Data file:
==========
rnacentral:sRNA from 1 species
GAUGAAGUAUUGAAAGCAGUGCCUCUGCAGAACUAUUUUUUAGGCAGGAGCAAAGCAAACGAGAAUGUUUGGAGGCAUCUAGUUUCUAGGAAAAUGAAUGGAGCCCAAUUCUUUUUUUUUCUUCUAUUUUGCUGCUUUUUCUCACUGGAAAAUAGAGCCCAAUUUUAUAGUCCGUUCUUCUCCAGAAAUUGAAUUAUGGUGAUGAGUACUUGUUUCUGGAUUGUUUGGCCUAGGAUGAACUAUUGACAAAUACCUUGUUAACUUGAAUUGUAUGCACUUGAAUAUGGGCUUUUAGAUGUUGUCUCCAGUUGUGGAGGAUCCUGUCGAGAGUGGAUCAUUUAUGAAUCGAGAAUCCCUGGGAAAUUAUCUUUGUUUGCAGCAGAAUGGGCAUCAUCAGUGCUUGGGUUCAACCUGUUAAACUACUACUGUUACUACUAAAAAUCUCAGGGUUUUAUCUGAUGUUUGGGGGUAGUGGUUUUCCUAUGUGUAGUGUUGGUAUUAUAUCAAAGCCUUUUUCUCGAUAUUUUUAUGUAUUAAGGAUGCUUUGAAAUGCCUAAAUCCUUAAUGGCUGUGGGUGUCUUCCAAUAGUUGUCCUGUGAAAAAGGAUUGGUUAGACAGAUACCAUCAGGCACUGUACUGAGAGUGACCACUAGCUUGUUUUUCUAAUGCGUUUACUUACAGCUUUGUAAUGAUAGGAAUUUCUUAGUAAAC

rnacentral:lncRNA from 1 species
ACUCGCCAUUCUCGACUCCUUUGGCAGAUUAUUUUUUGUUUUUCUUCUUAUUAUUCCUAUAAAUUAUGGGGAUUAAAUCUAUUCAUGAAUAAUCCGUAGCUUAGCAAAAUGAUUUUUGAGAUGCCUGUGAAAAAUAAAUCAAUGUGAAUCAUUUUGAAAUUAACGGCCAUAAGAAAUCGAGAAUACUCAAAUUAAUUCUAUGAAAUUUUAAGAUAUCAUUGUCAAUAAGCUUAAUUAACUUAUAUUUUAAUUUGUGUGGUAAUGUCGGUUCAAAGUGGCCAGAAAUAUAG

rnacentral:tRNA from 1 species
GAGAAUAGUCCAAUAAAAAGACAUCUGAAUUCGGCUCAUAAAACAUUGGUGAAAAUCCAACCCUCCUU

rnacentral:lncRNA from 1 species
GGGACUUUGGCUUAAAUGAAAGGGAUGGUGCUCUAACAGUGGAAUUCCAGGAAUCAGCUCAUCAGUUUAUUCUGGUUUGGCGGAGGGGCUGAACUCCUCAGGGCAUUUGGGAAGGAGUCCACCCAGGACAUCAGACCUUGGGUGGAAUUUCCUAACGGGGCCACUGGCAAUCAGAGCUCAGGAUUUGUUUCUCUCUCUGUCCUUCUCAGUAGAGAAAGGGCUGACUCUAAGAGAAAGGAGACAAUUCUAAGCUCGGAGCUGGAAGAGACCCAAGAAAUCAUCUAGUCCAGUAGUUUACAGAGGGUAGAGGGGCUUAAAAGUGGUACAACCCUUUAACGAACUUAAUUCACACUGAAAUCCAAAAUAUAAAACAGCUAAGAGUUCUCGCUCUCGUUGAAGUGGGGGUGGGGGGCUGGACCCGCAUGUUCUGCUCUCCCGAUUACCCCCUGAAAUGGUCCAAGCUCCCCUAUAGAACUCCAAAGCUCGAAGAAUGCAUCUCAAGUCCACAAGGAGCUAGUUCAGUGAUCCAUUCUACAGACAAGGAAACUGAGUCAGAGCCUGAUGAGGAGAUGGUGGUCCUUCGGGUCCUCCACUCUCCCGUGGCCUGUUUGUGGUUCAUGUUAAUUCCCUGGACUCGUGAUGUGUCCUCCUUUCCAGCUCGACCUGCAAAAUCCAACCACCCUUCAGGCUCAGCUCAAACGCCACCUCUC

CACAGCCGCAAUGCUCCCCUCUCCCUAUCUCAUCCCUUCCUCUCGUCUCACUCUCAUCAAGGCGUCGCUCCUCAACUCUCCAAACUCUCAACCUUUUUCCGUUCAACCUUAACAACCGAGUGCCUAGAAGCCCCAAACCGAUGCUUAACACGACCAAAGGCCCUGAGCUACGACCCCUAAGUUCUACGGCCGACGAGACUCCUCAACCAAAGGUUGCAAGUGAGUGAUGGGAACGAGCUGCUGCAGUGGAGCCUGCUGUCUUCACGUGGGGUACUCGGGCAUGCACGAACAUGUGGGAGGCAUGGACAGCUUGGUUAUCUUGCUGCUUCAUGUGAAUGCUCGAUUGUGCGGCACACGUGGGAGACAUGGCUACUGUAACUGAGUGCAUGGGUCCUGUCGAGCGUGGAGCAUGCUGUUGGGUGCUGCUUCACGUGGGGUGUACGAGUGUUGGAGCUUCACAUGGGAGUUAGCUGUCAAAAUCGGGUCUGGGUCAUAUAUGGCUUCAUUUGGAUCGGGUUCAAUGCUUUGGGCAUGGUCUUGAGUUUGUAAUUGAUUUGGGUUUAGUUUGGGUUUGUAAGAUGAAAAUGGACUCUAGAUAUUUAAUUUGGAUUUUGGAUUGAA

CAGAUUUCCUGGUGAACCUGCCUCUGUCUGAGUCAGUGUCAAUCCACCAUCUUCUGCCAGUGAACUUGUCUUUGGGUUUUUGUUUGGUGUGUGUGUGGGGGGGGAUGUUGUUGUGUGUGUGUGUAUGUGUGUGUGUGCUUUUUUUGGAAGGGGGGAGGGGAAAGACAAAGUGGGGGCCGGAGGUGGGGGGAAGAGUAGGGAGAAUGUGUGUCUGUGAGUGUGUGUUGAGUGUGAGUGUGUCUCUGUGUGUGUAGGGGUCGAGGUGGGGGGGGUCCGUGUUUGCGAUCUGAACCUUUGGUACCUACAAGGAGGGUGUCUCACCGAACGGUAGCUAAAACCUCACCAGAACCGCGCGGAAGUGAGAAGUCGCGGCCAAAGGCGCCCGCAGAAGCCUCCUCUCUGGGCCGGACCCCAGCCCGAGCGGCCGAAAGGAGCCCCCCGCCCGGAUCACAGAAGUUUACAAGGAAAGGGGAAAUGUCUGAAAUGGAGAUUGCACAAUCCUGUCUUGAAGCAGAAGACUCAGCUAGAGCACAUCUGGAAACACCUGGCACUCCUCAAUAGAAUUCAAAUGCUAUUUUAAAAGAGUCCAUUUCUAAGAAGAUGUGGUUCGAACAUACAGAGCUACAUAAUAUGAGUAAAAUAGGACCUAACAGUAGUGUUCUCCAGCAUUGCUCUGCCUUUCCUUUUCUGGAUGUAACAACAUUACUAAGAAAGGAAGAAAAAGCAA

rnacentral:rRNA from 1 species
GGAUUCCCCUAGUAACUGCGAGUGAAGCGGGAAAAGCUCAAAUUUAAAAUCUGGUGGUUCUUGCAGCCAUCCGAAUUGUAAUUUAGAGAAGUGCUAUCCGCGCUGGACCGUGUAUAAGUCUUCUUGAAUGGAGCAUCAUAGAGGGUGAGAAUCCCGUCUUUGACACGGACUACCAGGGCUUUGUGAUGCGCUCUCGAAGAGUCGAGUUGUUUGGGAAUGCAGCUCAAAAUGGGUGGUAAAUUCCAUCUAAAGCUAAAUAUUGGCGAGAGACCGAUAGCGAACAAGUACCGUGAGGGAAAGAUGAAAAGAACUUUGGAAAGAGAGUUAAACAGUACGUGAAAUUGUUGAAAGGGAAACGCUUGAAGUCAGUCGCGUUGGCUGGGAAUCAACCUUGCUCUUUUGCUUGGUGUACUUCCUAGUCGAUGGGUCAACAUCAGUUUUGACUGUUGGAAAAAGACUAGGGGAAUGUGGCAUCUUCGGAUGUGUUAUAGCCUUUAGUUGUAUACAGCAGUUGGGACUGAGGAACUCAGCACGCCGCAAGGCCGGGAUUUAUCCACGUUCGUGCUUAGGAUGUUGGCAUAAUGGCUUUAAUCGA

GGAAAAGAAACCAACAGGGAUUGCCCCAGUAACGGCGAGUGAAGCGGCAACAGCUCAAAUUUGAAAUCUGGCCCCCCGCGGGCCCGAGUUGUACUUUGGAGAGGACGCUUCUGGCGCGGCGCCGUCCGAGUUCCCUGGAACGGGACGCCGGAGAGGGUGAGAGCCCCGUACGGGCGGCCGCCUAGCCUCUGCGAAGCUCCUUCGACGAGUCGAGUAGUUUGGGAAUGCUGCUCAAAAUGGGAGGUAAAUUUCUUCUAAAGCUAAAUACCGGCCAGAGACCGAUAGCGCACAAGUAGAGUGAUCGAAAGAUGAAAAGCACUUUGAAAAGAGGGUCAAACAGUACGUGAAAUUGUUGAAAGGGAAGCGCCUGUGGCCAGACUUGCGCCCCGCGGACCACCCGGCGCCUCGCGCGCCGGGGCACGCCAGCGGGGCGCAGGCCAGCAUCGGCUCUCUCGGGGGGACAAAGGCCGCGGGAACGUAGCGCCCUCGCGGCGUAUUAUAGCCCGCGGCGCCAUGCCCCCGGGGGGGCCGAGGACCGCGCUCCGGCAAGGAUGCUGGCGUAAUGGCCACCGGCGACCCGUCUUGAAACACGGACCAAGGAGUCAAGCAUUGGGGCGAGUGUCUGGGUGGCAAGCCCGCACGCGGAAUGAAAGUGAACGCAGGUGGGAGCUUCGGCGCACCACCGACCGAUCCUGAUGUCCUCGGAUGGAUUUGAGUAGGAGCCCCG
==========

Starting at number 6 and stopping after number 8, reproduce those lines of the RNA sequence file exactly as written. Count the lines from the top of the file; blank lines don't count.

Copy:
GAGAAUAGUCCAAUAAAAAGACAUCUGAAUUCGGCUCAUAAAACAUUGGUGAAAAUCCAACCCUCCUU

rnacentral:lncRNA from 1 species
GGGACUUUGGCUUAAAUGAAAGGGAUGGUGCUCUAACAGUGGAAUUCCAGGAAUCAGCUCAUCAGUUUAUUCUGGUUUGGCGGAGGGGCUGAACUCCUCAGGGCAUUUGGGAAGGAGUCCACCCAGGACAUCAGACCUUGGGUGGAAUUUCCUAACGGGGCCACUGGCAAUCAGAGCUCAGGAUUUGUUUCUCUCUCUGUCCUUCUCAGUAGAGAAAGGGCUGACUCUAAGAGAAAGGAGACAAUUCUAAGCUCGGAGCUGGAAGAGACCCAAGAAAUCAUCUAGUCCAGUAGUUUACAGAGGGUAGAGGGGCUUAAAAGUGGUACAACCCUUUAACGAACUUAAUUCACACUGAAAUCCAAAAUAUAAAACAGCUAAGAGUUCUCGCUCUCGUUGAAGUGGGGGUGGGGGGCUGGACCCGCAUGUUCUGCUCUCCCGAUUACCCCCUGAAAUGGUCCAAGCUCCCCUAUAGAACUCCAAAGCUCGAAGAAUGCAUCUCAAGUCCACAAGGAGCUAGUUCAGUGAUCCAUUCUACAGACAAGGAAACUGAGUCAGAGCCUGAUGAGGAGAUGGUGGUCCUUCGGGUCCUCCACUCUCCCGUGGCCUGUUUGUGGUUCAUGUUAAUUCCCUGGACUCGUGAUGUGUCCUCCUUUCCAGCUCGACCUGCAAAAUCCAACCACCCUUCAGGCUCAGCUCAAACGCCACCUCUC